Excavations at the ancient site of Pachacamac on the Pacific coast of Peru have unearthed a 1,000-year-old cemetery. Université Libre de Bruxelles’s Center for Archaeological Research (CReA-Patrimoine) have been excavating the site 25 miles southeast of Lima for 15 years and have found numerous cemeteries. This one is in an area of the archaeological site that hasn’t been excavated before.
[The team] found a cluster of burials in foetal positions, wrapped in numerous layers of plant materials, nets and textiles.
“These burials were interred in groups” says Professor Peter Eeckhout (Université libre de Bruxelles, ULB) – director of the Ychsma Project – “interred in deep pits sunk into the sand, accompanied with ceramics and other offerings, then covered with wood and rushwork roofs”.
Previous excavations have found an unusually high proportion of disease in the skeletal remains. Inca sources claim the city was a religious center with a reputation for healing, making it a pilgrimage site for people suffering from illness. The latest find confirms those accounts. Physical anthropologist Dr. Lawrence Owens led the team that examined the remains.
“Most of the people at the site had hard lives, with various fractures, bad backs, bad hips…but the individuals from this cemetery show a higher than usual concentration of tuberculosis, syphilis and really serious bone breaks that would have had major impacts on their lives. Still, the fact that most of these are healed – and that disease sufferers survived for a long time – suggests that they were being cared for, and that even in the sites’ early history people felt a duty of care towards those less fortunate than themselves”.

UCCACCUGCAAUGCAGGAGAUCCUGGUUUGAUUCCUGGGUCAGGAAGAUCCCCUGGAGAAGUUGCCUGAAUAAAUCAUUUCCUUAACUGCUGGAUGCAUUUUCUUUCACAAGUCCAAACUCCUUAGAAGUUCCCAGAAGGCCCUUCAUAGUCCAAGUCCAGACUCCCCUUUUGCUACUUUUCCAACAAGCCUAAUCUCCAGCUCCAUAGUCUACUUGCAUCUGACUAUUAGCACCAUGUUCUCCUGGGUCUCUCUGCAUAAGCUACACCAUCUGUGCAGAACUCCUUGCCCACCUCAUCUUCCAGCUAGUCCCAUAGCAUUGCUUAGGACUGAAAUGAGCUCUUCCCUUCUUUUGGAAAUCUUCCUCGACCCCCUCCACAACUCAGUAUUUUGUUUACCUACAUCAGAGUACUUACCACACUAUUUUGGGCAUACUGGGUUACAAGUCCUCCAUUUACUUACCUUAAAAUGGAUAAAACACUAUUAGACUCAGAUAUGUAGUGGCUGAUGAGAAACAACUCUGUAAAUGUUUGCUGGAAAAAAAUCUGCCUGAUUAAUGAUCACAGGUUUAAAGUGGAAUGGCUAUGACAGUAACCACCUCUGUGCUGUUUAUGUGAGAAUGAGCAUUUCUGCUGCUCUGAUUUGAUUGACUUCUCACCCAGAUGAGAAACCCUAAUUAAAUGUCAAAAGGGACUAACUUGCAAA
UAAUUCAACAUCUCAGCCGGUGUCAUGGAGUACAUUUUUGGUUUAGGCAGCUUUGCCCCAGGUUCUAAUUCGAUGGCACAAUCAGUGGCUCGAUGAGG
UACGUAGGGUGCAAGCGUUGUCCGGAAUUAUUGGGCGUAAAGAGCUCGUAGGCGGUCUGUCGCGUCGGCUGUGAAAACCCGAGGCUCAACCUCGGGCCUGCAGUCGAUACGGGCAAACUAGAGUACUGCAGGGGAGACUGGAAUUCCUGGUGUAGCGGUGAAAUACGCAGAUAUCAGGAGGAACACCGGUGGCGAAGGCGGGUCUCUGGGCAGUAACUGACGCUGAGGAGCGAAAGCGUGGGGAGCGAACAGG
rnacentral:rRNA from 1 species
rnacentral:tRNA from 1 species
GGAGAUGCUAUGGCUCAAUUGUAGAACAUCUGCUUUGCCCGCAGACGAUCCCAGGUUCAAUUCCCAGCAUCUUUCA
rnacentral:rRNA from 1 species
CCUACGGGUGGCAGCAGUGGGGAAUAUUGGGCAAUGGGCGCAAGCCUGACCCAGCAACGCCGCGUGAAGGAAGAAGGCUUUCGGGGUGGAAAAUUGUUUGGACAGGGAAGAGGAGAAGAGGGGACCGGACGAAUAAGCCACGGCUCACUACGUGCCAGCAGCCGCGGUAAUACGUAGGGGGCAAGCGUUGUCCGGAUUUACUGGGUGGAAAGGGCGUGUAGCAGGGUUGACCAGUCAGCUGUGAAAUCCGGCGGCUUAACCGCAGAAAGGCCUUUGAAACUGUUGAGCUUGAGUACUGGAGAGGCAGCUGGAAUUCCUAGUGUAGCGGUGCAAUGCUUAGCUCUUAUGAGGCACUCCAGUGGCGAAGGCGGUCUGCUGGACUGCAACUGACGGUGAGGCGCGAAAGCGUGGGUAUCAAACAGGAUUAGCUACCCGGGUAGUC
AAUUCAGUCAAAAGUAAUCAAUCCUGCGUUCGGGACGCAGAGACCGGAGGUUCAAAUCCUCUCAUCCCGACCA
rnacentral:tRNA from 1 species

Pachacamac was founded by the Wari around 200 A.D., but most of the major public buildings and temples were constructed by the Lima and Ychsma cultures between 800 and 1450 when the polity was absorbed into the Inca Confederacy. The Inca respected the local creator god and the city’s namesake Pacha Kamaq, incorporating him into their pantheon albeit as secondary to the Incan creator god Viracocha. They built several new temples in the city, expanding the facilities for pilgrims and spreading its reputation as religious healing center throughout the Confederacy.
As with most of the mummy bundles unearthed at Pachacamac (one salient exception was found last year), the ones found in the recently-discovered cemetery are not intact. They were damaged during the construction of a large building above the cemetery under Inca rule. It’s not just general damage caused by building work or the extensive looting that took place in the 17th century after the Spanish conquest. There is evidence here of targeted action against the mummies. Almost all of the mummies are missing their heads and some other specific parts.
This strongly suggests the Inca deliberately desecrated the city’s ancient dead, perhaps harvesting them for their own religious purposes. The Inca treated their own graves with reverence, but they were not related to the ancient peoples of Pachacamac and while they promoted some of the local traditions, they didn’t revere their dead as they did their own ancestors.